There are big reasons to celebrate Hispanic Heritage, an increasingly indispensable powerhouse to the stability of the entire country.
In less than 10 years, the U.S. Latinx labor force has grown to become a powerhouse that rivals the economic power of entire countries, such as India, France, and Italy. That fact, combined with the most recent Census data, shows that the U.S. Hispanic communities are the driving force of population and economic growth and aid in the ongoing development of our country.
This Hispanic Heritage Month—which runs September 15 through October 15—we highlight the contribution of the Latinx community in the United States and their monumental importance to the present and future of America.
The Latinx population in the U.S. continues to grow
Every 10 years, the Census Bureau conducts a massive survey to update the demographic and population data of the country’s inhabitants. The data revealed in each Census helps to paint a clearer picture of our country. For example, this information is used to determine and redistribute electoral districts to better represent the general population in elections.
Last August, the United States Census released the 2020 population data. It found that:
- The population of the country increased by 7.4%
- More than half of that growth came from the Latino population in the United States.
- There are now 62.1 million Latinx citizens in the United States. That’s 18.7% of the total population.
- In 2000, the Hispanic population was almost half that amount, with just 35.7 million inhabitants.
Hispanic population growth will continue for decades to come
The Latinx population is expected to grow 29% by 2030, while the Anglo population could decrease by 6%, according to L’Attitude, an organization focused on highlighting the economic potential of the Hispanic community in the United States. By the year 2060, the Census estimates that Hispanics in the United States will reach 111.2 million inhabitants or almost 30% of the population.
The Hispanic population will be a more representative sector of the general U.S. population as each year passes, and in some places, even the majority.
In California, Hispanics became the new majority thanks to their growth, which grew from 37.6% to 39.4% of the population. At the same time, people who identified as white (40.1% in 2010) decreased to 34.7% in the most recent Census.
Latinos in the United States: 8th Largest Economy in the World
The rapid growth of Hispanics is even more impressive economically. If the Hispanic community in the United States were a country, its gross domestic product (GDP) would rank eighth in the world, even richer than Italy, Brazil, and South Korea.
Hispanics accounted for 82% of the growth of the workforce during 2010-2017, according to CNBC, even though this group represents less than 20% of the general population.
The economic output increased by $900 billion, which globally represents the third fastest growing GDP. By 2025, the gross domestic product is expected to become #5 in the world, according to L’Attitude.
Rising inflation hits the Hispanic communities hard
While inflation is hurting everyone, the Latino community is especially affected. Differences in consumption habits have seen this group spend a significant portion of their income on food and gas, two necessities that have seen substantial increases.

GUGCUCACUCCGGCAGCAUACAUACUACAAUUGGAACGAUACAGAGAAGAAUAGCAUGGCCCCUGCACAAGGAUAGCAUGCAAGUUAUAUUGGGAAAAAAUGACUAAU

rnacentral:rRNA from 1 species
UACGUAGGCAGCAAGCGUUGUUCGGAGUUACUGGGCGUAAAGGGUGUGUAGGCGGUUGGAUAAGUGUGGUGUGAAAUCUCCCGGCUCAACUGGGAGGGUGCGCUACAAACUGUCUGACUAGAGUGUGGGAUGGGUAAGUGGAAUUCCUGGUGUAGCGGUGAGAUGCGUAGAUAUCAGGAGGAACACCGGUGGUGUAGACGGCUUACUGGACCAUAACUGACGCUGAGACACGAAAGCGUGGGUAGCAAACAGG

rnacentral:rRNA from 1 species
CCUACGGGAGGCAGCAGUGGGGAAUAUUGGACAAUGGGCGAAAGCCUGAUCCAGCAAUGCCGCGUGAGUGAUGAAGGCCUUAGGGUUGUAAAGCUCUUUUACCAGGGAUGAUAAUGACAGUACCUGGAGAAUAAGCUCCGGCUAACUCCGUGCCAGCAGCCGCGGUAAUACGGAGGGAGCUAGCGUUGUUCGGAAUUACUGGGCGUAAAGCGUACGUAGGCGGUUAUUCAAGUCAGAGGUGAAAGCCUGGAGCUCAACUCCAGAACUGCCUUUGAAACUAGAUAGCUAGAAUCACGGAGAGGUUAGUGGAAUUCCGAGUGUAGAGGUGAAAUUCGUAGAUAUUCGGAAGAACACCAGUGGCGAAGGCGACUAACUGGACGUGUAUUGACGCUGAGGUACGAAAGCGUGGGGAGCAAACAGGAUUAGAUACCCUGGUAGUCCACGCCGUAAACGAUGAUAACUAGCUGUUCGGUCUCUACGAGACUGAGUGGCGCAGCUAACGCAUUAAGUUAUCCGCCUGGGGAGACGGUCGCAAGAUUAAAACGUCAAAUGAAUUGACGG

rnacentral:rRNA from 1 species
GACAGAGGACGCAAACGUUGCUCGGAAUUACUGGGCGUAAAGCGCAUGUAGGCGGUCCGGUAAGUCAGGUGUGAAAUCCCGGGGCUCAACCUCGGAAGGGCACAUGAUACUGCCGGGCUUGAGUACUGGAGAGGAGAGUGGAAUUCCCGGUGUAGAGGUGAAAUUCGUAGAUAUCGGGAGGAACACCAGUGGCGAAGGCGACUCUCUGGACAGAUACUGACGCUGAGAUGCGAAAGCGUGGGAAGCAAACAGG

The Bureau also conducts a Consumer Expenditure Survey (CEX) that shows how different demographics allocate their spending in different categories.
Findings from the New York Fed estimate that Latinos are experiencing a 0.6% higher inflation rate than average. While this may seem relatively low compared to the overall inflation rate of 9.2%, it shows an increase. Many speculate that Hispanic and Black Americans are being squeezed even more due to the consumption of the amounts and types of goods. In addition to that, people in various locations face different prices for the same goods and lower-income Americans face higher price growth.
The pay gap
Throughout the years, the Hispanic community has overcome many obstacles, but the wage gap is something that is still a problem today. While US-born Hispanics earn a significantly higher income than those born internationally, each group is far below the average salary of White Americans. In a report by Census.gov, it is noted that the average Hispanic household earns just $.74 per dollar, a rate unchanged from 2018.
Another factor that can influence salaries is adapting to the financial and credit system of the United States. Many Latinos come from financial systems that work differently from the United States, so understanding how it works and what to do to improve their financial standing can be a difficult task. For example, most loans to buy a home, buy a car, or study is based on credit score or good savings.
Consolidated Credit is proud to assist the Latinx community
Building financial literacy that promotes financial stability in the Latinx community is vital to America’s economic growth. But the Hispanic sector is often at a financial disadvantage compared to other sectors, despite being the most powerful driver of economic development in the country.
Consolidated Credit is here to help people in the Hispanic community with financial crises and help solve money management problems through education, motivation, and professional counseling.
If you want to be financially successful, you must take steps to improve every aspect of your financial picture.
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